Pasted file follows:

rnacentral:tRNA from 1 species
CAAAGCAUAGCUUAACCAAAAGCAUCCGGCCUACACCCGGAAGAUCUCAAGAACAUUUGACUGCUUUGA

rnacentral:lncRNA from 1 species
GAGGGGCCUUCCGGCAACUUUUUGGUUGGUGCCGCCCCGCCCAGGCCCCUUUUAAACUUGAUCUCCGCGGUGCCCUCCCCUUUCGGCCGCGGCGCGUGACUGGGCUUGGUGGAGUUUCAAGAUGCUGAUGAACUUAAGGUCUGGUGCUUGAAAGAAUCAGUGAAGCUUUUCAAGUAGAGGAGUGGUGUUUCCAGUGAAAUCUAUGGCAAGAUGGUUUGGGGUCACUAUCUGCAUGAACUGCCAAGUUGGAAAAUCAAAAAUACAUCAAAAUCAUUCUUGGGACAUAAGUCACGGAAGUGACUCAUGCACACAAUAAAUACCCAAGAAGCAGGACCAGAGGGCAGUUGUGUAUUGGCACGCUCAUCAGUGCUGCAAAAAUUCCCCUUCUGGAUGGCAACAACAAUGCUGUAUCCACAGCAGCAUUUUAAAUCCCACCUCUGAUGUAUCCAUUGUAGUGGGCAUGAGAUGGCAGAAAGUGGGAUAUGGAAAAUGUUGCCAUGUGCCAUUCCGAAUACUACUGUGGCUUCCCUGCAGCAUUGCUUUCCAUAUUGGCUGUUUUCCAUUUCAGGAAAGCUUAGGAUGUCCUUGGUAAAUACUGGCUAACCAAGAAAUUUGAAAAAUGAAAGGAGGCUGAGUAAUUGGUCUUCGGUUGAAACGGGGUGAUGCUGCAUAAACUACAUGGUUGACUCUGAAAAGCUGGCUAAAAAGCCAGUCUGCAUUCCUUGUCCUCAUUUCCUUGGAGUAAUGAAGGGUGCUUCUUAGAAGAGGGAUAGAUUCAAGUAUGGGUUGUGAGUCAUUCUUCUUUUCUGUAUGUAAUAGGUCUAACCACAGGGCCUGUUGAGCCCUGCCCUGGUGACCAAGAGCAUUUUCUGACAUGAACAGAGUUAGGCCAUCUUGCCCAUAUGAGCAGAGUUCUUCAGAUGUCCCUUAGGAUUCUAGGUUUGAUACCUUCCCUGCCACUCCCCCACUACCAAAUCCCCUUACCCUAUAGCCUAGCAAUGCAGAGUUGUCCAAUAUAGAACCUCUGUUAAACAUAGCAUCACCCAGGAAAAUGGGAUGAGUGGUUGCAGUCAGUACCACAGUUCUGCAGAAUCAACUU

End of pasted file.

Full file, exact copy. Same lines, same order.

rnacentral:tRNA from 1 species
CAAAGCAUAGCUUAACCAAAAGCAUCCGGCCUACACCCGGAAGAUCUCAAGAACAUUUGACUGCUUUGA

rnacentral:lncRNA from 1 species
GAGGGGCCUUCCGGCAACUUUUUGGUUGGUGCCGCCCCGCCCAGGCCCCUUUUAAACUUGAUCUCCGCGGUGCCCUCCCCUUUCGGCCGCGGCGCGUGACUGGGCUUGGUGGAGUUUCAAGAUGCUGAUGAACUUAAGGUCUGGUGCUUGAAAGAAUCAGUGAAGCUUUUCAAGUAGAGGAGUGGUGUUUCCAGUGAAAUCUAUGGCAAGAUGGUUUGGGGUCACUAUCUGCAUGAACUGCCAAGUUGGAAAAUCAAAAAUACAUCAAAAUCAUUCUUGGGACAUAAGUCACGGAAGUGACUCAUGCACACAAUAAAUACCCAAGAAGCAGGACCAGAGGGCAGUUGUGUAUUGGCACGCUCAUCAGUGCUGCAAAAAUUCCCCUUCUGGAUGGCAACAACAAUGCUGUAUCCACAGCAGCAUUUUAAAUCCCACCUCUGAUGUAUCCAUUGUAGUGGGCAUGAGAUGGCAGAAAGUGGGAUAUGGAAAAUGUUGCCAUGUGCCAUUCCGAAUACUACUGUGGCUUCCCUGCAGCAUUGCUUUCCAUAUUGGCUGUUUUCCAUUUCAGGAAAGCUUAGGAUGUCCUUGGUAAAUACUGGCUAACCAAGAAAUUUGAAAAAUGAAAGGAGGCUGAGUAAUUGGUCUUCGGUUGAAACGGGGUGAUGCUGCAUAAACUACAUGGUUGACUCUGAAAAGCUGGCUAAAAAGCCAGUCUGCAUUCCUUGUCCUCAUUUCCUUGGAGUAAUGAAGGGUGCUUCUUAGAAGAGGGAUAGAUUCAAGUAUGGGUUGUGAGUCAUUCUUCUUUUCUGUAUGUAAUAGGUCUAACCACAGGGCCUGUUGAGCCCUGCCCUGGUGACCAAGAGCAUUUUCUGACAUGAACAGAGUUAGGCCAUCUUGCCCAUAUGAGCAGAGUUCUUCAGAUGUCCCUUAGGAUUCUAGGUUUGAUACCUUCCCUGCCACUCCCCCACUACCAAAUCCCCUUACCCUAUAGCCUAGCAAUGCAGAGUUGUCCAAUAUAGAACCUCUGUUAAACAUAGCAUCACCCAGGAAAAUGGGAUGAGUGGUUGCAGUCAGUACCACAGUUCUGCAGAAUCAACUU